I think as women in our culture – whether or not we are mothers – we are certainly driven by perfectionism. We are told we can do it all, be it all, have it all. Of course, we can’t – at least, not “perfectly” – so I wanted to portray how as a result, many women experience profound levels of shame and self-loathing, even as we smile brightly and tell ourselves that we can’t expect to always be perfect at everything in our lives. But deep down, perhaps subconsciously, I think we still believe that we “should” be. So we reach for behaviors that drown our shame out, at least temporarily. And then we become ashamed of the behavior and the vicious cycle emerges. I’m not just talking about alcohol, here. Eating disorders, shopping, gambling, sex – even our careers can serve as an escape from the pressure.
3. How is alcoholism perceived in the workplace?
Unfortunately, I think it’s perceived the same way the world perceives it: as some kind of moral failing. I believe the key misconception is that the alcohol itself is the problem, when really, drinking is really just the symptom of much deeper physiological, and emotional issues. Simply stopping drinking is not going to resolve a person’s problems. There is a saying in recovery, that when you remove the alcohol from the alcoholic, you are left with”ick”. Certainly an alcoholic needs to heal from the physical side of addiction, but learning how to sift through the “ick” – negative thinking patterns, emotional reactivity, etc, – is the true work of recovery.
4. HR Managers deal with performance and personal issues with their employees every day. How does this impact an HR manager who may be going through her own issues?
I’d have to say that being in recovery has certainly made my job in HR easier! I used to be a bit of an emotional “sponge” but I have learned healthy ways to set boundaries and not absorb the chaos that can surround me on any given day in my job. I can’s speak for any other HR professional, but for me, I have gathered so many tools to manage my own performance or personal issues, and I’ve found that sharing some of these tools – which are universal, not recovery specific – has been greatly appreciated by many of the people I work with. I think in order to be an effective HR manager, I need to be aware of my own baggage, so I can hopefully keep it from coloring my interactions with employees. Of course, my generally cheery, positive outlook can irritate the heck out of people too, but it helps me immensely to understand their response is not about me.
5. What is the best way in your opinion for an employer to deal with an employee who is suspected of having an alcohol problem, from the recovered person’s perspective?
That’s a tough question, because as a professional, I know I need to manage it – from a performance level. Monitor the employee’s attendance patterns, lack of productivity, etc., and discipline as necessary. We all know the dangers of labelling anyone as an alcoholic, or even intimating that they might be one, so clearly, I don’t recommend that. But if an employee comes to you and communicates they are afraid they might have a problem with alcohol, I would certainly refer them to your EAP for help and guidance. I would let them know if your health plan covers treatment for substance abuse. I would recommend finding ways to educate your management team about the disease of alcoholism. But at the end of the day, if an employee refuses to seek help, and his or her performance continues to decline, sometimes the best thing to do is follow your progressive discipline procedures based on a well-documented case for not being able to perform their job, and terminate. Nursing an active alcoholic along, making concessions and exceptions and excuses doesn’t do them any favors. It only enables their disease to destroy them more quickly.
6. What message do you hope this book will leave your readers with?
Overall, I hope that women, especially, are able to see the similarities they share with Cadence, rather than the differences. I hope that the story widens the readers’ understanding and compassion, and perhaps makes them re-evaluate any preconceptions they might hold about women who suffer from alcoholism and mothers who don’t have primary custody of their children. I also hope that any woman in the throes of active addiction sees herself in Cadence’s story and finds the courage it takes to reach out for help.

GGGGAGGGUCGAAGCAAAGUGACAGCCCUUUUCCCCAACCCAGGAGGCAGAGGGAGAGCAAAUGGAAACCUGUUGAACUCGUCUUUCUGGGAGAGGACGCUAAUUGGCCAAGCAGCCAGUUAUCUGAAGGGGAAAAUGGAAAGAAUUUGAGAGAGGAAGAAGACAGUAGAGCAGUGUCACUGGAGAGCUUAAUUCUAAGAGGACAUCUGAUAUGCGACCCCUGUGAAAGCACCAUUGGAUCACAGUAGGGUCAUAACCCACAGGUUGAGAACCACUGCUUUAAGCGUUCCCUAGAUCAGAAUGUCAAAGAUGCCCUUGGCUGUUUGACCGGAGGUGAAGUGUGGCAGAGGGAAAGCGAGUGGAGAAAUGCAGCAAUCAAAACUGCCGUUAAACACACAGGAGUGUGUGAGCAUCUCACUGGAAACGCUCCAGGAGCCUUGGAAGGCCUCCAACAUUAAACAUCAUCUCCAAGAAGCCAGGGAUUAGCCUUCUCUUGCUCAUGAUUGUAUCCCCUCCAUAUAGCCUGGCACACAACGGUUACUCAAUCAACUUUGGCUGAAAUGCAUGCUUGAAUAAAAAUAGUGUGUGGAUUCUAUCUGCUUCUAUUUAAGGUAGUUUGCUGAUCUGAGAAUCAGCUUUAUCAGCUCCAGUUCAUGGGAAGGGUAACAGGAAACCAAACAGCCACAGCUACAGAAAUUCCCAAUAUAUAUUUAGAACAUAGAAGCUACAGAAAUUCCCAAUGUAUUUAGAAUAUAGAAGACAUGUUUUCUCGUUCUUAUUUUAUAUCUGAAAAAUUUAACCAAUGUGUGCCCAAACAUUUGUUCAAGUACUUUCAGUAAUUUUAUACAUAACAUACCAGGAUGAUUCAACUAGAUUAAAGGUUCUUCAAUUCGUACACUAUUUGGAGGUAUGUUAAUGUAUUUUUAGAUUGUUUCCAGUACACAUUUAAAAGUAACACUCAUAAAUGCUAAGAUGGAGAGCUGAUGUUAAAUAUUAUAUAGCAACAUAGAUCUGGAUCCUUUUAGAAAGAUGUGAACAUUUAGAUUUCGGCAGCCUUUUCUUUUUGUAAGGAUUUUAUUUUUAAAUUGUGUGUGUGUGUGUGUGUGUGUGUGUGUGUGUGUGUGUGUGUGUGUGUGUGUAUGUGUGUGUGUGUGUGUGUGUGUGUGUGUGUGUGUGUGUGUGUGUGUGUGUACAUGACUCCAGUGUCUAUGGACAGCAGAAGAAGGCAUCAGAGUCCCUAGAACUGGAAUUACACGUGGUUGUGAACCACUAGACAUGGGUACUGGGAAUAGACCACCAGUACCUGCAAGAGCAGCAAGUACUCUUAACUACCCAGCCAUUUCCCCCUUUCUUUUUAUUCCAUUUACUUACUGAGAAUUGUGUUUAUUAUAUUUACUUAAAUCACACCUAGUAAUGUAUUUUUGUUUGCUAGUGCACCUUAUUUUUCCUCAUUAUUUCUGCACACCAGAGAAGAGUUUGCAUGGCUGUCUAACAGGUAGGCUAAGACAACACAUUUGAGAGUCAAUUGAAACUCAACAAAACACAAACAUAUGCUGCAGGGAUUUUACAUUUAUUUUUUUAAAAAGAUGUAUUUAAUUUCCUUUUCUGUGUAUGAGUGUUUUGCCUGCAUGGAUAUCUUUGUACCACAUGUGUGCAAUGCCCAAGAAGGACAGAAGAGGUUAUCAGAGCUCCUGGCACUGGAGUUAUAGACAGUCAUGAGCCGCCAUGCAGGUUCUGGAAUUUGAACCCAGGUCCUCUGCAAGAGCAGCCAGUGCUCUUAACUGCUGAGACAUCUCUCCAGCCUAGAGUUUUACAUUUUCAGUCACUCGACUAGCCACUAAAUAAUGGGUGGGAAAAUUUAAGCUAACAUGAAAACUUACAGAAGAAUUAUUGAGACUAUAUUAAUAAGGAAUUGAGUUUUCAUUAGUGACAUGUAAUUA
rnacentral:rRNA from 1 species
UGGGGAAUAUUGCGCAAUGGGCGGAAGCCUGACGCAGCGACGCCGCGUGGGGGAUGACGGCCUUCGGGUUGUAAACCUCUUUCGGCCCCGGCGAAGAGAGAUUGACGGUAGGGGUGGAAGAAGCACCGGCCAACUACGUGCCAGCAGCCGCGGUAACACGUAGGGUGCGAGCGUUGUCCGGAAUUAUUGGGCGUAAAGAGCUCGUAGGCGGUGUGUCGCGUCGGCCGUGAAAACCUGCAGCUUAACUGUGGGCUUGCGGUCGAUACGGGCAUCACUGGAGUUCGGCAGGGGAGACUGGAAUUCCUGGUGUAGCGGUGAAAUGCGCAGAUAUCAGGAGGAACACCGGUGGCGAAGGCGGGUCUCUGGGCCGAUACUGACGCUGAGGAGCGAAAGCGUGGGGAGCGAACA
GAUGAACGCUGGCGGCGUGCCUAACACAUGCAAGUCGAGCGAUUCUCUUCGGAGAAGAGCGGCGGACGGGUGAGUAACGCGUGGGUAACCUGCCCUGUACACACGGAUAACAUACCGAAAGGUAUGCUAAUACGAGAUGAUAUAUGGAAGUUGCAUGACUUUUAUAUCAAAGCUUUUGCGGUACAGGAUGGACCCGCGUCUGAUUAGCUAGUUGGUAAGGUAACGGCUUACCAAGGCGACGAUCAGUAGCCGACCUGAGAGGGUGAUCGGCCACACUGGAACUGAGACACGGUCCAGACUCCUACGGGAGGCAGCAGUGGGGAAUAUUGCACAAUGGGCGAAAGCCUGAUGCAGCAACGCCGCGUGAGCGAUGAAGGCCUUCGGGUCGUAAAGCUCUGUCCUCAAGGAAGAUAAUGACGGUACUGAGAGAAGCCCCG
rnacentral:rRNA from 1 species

For me, that’s the inherent beauty of books – each person will walk away with something different from a story. My hope as an author is that readers will find a need met perhaps one they weren’t aware they had to fill.
I highly recommend Best Kept Secret. It is a wonderfully well written and heart wrenching story that portrays the struggles that women alcoholics face, especially if they are also mothers.
To purchase a copy visit Amazon.com or www.amyhatvany.com
Now, more than ever, an employee assistance program is a benefit no employer should be without. The lengthy recession has taken its toll on employers, employees and their families. As employers, we are forced to cut back on perks, benefits, salaries and employees. Some companies are cutting their Employee Assistance Program because they are trying to decrease all costs as much as possible. As a result, employees are forced to do more work with less support and increased stress. Employees may be upset about the cutbacks, resentful of the increased workload and worried about their professional and financial futures. Morale, productivity and performance are all negatively impacted. Employees have increased stress, financial and personal problems during tough financial times. Some are losing their homes, their jobs and their relationships. This affects your bottom line in many ways.
Fully Effective Employees can actually save your company money by reducing accidents, absenteeism, tardiness and the time managers spend dealing with employees’s personal problems. The EAP can help prevent litigation and workplace violence. The EAP increases morale, employee loyalty, productivity and performance. The EAP counselor will help employees and their familiy members find counseling and resources and they can provide support and case management for up to two years. When employees are given the right help, it reduces insurance costs and disability claims. In addition, the program offers employees a free place to access assistance before their problems begin to affect their work performance.
The U.S Department of Labor reports that for every dollar invested in an Employee Assistance Program (EAP), employers generally save anywhere from $5 to $16.
While you may be looking for ways to cut costs, the EAP can be one of your most important assets.
If you are a current client, please call us for assistance in promoting and using the program. The more employees and their families are aware of the program, the more it will be used. If you are interested in the program for your workplace, call for more information on how the EAP can save you money!